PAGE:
Industrial work is notoriously dangerous: human beings are constantly exposed to intense temperatures, toxic fumes, and heavy-duty machinery. Safety measures and equipment are in place to protect them from these hazards, but if something goes wrong within such environments, there can be major risks in correcting whatever the problem may be. Fortunately, the use of collision-tolerant drones may remove the human risk entirely.
A company based out of South Africa recently successfully tested the use of Elios, a drone that can truly go where men can’t. When an oil refinery in South Africa needed to be checked for maintenance, Elios was sent in to assess the situation. The durable robot entered a high-vacuum furnace (of which temperatures can reach a staggering 1,200 degrees Celsius) and provided visual access to its four chambers via live video feed.
In the past, people would be responsible for inspecting and identifying the problem; routine maintenance can quickly become hazardous to life and health when toxic chemicals and gases are involved. Now, there is a drone pilot who focuses on flying, while a separate worker views the video feed to examine any possible maintenance or safety issues.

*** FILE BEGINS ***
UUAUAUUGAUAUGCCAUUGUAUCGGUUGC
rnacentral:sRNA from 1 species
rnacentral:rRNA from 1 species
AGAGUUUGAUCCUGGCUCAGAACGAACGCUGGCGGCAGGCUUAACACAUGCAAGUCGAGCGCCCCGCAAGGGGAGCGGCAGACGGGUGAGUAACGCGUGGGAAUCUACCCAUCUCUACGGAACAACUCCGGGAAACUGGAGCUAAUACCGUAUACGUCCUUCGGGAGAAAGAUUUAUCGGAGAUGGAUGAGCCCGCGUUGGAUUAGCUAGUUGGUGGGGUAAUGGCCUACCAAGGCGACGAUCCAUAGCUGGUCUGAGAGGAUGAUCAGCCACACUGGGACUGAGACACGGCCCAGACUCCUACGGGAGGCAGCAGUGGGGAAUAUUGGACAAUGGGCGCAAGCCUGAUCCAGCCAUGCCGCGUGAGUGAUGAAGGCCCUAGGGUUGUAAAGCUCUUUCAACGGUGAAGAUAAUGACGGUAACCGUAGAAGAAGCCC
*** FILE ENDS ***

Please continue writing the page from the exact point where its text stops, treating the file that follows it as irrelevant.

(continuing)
Skyriders Access Specialists (Pty) Ltd., the company responsible for Elios, had previously focused on the use of rope access to inspect problems in industrial sites. With their new technology, they can send drones into increasingly dangerous and hard-to-reach spaces, such as those involved in power plants and chemical plants.
Many industrial businesses are seeing the benefits of multi-chambered vacuum furnaces. Depending on the work being performed, they can increase efficiency and boost production. For example, scrap metal furnaces melt used metals back down into a malleable form so they can be recycled and re-used elsewhere; however, each metal has a different melting point, so a single-chambered furnace would only be able to focus on one type of metal, whereas multiple chambers would increase production and remove this limitation. More chambers means repairs and maintenance would be more dangerous — and this is where drones like Elios could shine.